Daily News Roundup

Research Uncovers Raised Rate of Autism
A new study suggests that the typical ways in which the Centers for Disease Control and Prevention and most other research groups measure autism prevalence, by examining and verifying records of existing cases kept by health care and special education agencies, may leave out many children whose parents and schools have never sought a diagnosis. (New York Times)

Babies’ blood tests can end in false-positive screening scares
As many as 200,000 babies in the US test results for newborn screenings turn out to be false-positives, only 1 in 50 positive tests are true.  If the results are correct the test can be invaluable to the child and his parents, but many endure painful months of unnecessary worry. (MSNBC)


Obesity in Children Can Be More Than Just Baby Fat, Researchers Say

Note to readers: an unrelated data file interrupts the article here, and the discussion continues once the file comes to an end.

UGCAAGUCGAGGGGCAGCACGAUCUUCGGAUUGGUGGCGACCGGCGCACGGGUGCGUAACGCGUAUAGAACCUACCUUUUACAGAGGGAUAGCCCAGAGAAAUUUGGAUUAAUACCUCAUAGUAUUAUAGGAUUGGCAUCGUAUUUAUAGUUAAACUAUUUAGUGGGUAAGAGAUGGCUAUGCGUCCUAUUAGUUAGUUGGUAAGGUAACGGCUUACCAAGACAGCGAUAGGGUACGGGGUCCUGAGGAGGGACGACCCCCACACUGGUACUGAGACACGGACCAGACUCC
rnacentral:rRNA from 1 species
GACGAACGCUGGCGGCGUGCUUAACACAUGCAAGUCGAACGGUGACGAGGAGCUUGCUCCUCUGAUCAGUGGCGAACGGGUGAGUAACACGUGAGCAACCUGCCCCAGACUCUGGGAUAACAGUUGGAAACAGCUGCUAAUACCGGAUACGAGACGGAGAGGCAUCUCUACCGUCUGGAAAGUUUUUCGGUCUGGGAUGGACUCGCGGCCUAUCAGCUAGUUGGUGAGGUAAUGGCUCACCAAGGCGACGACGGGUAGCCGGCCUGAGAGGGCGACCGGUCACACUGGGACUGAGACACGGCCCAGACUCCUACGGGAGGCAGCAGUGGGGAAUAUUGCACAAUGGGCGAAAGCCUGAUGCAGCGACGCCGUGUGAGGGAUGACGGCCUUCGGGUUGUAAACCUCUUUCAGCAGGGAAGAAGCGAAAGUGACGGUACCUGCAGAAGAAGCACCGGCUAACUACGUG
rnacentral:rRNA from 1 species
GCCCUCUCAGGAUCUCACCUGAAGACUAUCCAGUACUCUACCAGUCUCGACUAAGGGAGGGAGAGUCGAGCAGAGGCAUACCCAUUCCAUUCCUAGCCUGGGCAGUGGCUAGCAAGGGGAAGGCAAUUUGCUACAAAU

Researchers at the Indiana University School of Medicine believe that body mass index screening with behavioral intervention starting between the ages of 2 to 5 years impacts obesity and related morbidity better than current guidelines suggesting that testing begin in older children. (Medical News Today)

ADHD With Poor Emotional Control Seems to Run in Families
A Massachusetts General Hospital Study found that adults with ADHD may also experience emotional reactions to everyday situations DESR.  This combination seems to run in families, researchers found that the siblings of people with both ADHD and DESR were much more likely to have both conditions than those with ADHD alone. (Health Day)

Kids’ tabletop chairs pose hazard, safety agency warns
The Consumer Product Safety Commission says children could be hurt in certain versions of the “metoo” clip-on tabletop chairs imported by Colorado-based phil&teds USA Inc. The CPSC says about a dozen children have been injured.  The chairs have metal clamps that attach to most tabletops.  The CPSC says those clamps can easily come loose, causing the chair to detach and sending the child plummeting to the floor. (MSNBC)

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